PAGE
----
US9208815Oct 9, 2014Dec 8, 2015Western Digital Technologies, Inc.Data storage device dynamically reducing coast velocity during seek to reduce power consumption
US9214175Mar 16, 2015Dec 15, 2015Western Digital Technologies, Inc.Data storage device configuring a gain of a servo control system for actuating a head over a disk
US9230592Dec 23, 2014Jan 5, 2016Western Digital Technologies, Inc.Electronic system with a method of motor spindle bandwidth estimation and calibration thereof
US9230593Dec 23, 2014Jan 5, 2016Western Digital Technologies, Inc.Data storage device optimizing spindle motor power when transitioning into a power failure mode
US9245540Oct 29, 2014Jan 26, 2016Western Digital Technologies, Inc.Voice coil motor temperature sensing circuit to reduce catastrophic failure due to voice coil motor coil shorting to ground
US9245560Mar 9, 2015Jan 26, 2016Western Digital Technologies, Inc.Data storage device measuring reader/writer offset by reading spiral track and concentric servo sectors
US9245577Mar 26, 2015Jan 26, 2016Western Digital Technologies, Inc.Data storage device comprising spindle motor current sensing with supply voltage noise attenuation
US9251823Dec 10, 2014Feb 2, 2016Western Digital Technologies, Inc.Data storage device delaying seek operation to avoid thermal asperities
US9269386Dec 8, 2014Feb 23, 2016Western Digital Technologies, Inc.Data storage device on-line adapting disturbance observer filter
US9286925Mar 26, 2015Mar 15, 2016Western Digital Technologies, Inc.Data storage device writing multiple burst correction values at the same radial location
US9286927Dec 16, 2014Mar 15, 2016Western Digital Technologies, Inc.Data storage device demodulating servo burst by computing slope of intermediate integration points
US9343094Mar 26, 2015May 17, 2016Western Digital Technologies, Inc.Data storage device filtering burst correction values before downsampling the burst correction values
US9343102Mar 25, 2015May 17, 2016Western Digital Technologies, Inc.Data storage device employing a phase offset to generate power from a spindle motor during a power failure
US9349401Oct 29, 2014May 24, 2016Western Digital Technologies, Inc.Electronic system with media scan mechanism and method of operation thereof
US9350278Jun 13, 2014May 24, 2016Western Digital Technologies, Inc.Circuit technique to integrate voice coil motor support elements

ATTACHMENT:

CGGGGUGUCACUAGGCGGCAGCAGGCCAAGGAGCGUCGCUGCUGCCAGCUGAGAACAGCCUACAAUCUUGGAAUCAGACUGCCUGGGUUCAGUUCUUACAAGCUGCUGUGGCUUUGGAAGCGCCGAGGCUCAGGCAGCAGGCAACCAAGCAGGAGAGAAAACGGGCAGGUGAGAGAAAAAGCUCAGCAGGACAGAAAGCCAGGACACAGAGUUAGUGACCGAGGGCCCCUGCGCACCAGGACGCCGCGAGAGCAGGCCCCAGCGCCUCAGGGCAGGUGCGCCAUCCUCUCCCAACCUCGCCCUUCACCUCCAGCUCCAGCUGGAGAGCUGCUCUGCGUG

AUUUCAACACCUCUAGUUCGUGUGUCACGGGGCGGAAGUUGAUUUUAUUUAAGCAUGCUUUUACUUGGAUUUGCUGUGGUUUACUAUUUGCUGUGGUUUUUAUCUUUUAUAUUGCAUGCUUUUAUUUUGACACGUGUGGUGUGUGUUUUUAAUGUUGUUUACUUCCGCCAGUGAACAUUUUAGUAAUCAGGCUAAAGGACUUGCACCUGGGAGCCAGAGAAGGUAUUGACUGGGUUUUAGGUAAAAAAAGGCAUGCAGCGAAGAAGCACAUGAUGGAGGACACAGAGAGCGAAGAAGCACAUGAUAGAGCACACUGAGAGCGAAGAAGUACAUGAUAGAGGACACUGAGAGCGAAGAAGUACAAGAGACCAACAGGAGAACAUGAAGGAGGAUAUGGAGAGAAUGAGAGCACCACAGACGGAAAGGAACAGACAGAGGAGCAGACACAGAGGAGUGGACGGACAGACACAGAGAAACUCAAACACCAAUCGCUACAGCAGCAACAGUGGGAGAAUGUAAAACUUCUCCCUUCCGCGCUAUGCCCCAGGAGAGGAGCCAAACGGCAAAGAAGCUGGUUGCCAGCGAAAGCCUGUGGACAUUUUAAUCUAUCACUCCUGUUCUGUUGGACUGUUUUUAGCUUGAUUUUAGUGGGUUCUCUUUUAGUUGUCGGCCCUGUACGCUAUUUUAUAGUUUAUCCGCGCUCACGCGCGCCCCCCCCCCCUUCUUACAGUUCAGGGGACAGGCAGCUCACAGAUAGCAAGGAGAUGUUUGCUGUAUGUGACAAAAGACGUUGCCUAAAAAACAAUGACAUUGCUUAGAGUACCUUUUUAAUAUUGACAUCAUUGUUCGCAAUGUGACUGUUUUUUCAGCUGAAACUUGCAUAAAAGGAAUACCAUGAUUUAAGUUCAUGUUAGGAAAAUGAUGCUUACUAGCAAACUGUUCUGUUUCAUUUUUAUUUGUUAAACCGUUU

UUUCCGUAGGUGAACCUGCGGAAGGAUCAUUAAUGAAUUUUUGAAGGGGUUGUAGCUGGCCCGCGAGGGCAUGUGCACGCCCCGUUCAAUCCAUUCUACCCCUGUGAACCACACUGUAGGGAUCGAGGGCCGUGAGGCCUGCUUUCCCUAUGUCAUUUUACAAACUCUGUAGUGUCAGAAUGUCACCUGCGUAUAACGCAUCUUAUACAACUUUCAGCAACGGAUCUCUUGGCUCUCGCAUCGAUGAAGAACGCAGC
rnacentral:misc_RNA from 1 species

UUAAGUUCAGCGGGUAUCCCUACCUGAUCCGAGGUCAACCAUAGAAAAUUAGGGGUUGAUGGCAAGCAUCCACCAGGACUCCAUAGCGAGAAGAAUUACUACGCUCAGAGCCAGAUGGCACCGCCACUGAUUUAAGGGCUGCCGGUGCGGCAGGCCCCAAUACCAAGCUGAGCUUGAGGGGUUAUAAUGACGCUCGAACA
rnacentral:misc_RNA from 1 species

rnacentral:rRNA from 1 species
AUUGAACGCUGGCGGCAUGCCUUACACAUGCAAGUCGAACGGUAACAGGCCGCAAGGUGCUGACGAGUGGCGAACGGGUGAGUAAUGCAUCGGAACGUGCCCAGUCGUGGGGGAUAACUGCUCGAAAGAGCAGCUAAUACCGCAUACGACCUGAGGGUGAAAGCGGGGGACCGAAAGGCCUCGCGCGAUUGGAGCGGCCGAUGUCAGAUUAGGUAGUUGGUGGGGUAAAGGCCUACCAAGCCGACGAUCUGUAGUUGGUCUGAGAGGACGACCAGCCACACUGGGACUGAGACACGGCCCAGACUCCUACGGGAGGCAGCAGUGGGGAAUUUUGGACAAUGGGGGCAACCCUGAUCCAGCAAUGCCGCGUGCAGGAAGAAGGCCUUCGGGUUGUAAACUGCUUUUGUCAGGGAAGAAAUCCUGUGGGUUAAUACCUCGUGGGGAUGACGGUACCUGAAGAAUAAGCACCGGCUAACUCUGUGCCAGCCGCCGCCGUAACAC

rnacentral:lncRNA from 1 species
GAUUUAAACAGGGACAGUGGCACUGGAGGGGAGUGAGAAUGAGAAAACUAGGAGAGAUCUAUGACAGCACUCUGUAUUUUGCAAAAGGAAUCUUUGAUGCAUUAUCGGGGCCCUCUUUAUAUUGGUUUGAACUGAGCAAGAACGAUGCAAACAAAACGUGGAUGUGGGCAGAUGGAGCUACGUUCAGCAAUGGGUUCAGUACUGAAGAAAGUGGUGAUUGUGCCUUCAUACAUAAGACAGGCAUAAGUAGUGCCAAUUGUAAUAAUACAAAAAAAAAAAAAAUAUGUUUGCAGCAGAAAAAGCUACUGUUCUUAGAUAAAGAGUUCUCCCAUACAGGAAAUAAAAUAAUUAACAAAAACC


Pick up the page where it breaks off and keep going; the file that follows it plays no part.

US9355667Nov 11, 2014May 31, 2016Western Digital Technologies, Inc.Data storage device saving absolute position at each servo wedge for previous write operations
US9355676Mar 25, 2015May 31, 2016Western Digital Technologies, Inc.Data storage device controlling amplitude and phase of driving voltage to generate power from a spindle motor
US9361939Mar 31, 2014Jun 7, 2016Western Digital Technologies, Inc.Data storage device characterizing geometry of magnetic transitions
US9390749Jul 7, 2015Jul 12, 2016Western Digital Technologies, Inc.Power failure management in disk drives
US9396751Jun 26, 2015Jul 19, 2016Western Digital Technologies, Inc.Data storage device compensating for fabrication tolerances when measuring spindle motor current
US9407015Dec 29, 2014Aug 2, 2016Western Digital Technologies, Inc.Automatic power disconnect device
US9418689May 7, 2015Aug 16, 2016Western Digital Technologies, Inc.Data storage device generating an operating seek time profile as a function of a base seek time profile
US9424868Jun 15, 2015Aug 23, 2016Western Digital Technologies, Inc.Data storage device employing spindle motor driving profile during seek to improve power performance
US9424871Dec 18, 2014Aug 23, 2016Western Digital Technologies, Inc.Disk drive correcting an error in a detected gray code
US9437231Sep 25, 2015Sep 6, 2016Western Digital Technologies, Inc.Data storage device concurrently controlling and sensing a secondary actuator for actuating a head over a disk
US9437237Feb 20, 2015Sep 6, 2016Western Digital Technologies, Inc.Method to detect power loss through data storage device spindle speed
US9454212Dec 8, 2014Sep 27, 2016Western Digital Technologies, Inc.Wakeup detector
US9454989Mar 11, 2015Sep 27, 2016Western Digital Technologies, Inc.Disk drive adjusting estimated servo state to compensate for transient when crossing a servo zone boundary
US9471072Jul 2, 2014Oct 18, 2016Western Digital Technologies, IncSelf-adaptive voltage scaling
US9484733Jan 2, 2014Nov 1, 2016Western Digital Technologies, Inc.Power control module for data storage device
Classifications
U.S. Classification360/75, 360/77.02, 360/31, 360/78.04
International ClassificationG11B5/596, G11B27/36, G11B21/02
Cooperative ClassificationG11B2220/2516, G11B5/5534
European ClassificationG11B5/55D1D1
Legal Events
DateCodeEventDescription
Feb 27, 2009ASAssignment
Owner name: WESTERN DIGITAL TECHNOLOGIES, INC., CALIFORNIA
Free format text: ASSIGNMENT OF ASSIGNORS INTEREST;ASSIGNORS:BABINSKI, ALEXANDER;PHAN, DUC T.;HUANG, JUN;AND OTHERS;REEL/FRAME:022323/0119
Effective date: 20090226
Jul 23, 2014FPAYFee payment
Year of fee payment: 4
Jul 23, 2014SULPSurcharge for late payment
May 17, 2016ASAssignment
Owner name: JPMORGAN CHASE BANK, N.A., AS COLLATERAL AGENT, IL
Free format text: SECURITY AGREEMENT;ASSIGNOR:WESTERN DIGITAL TECHNOLOGIES, INC.;REEL/FRAME:038722/0229
Effective date: 20160512
Owner name: U.S. BANK NATIONAL ASSOCIATION, AS COLLATERAL AGEN
Free format text: SECURITY AGREEMENT;ASSIGNOR:WESTERN DIGITAL TECHNOLOGIES, INC.;REEL/FRAME:038744/0281
Effective date: 20160512
Owner name: JPMORGAN CHASE BANK, N.A., AS COLLATERAL AGENT, IL
Free format text: SECURITY AGREEMENT;ASSIGNOR:WESTERN DIGITAL TECHNOLOGIES, INC.;REEL/FRAME:038744/0481
Effective date: 20160512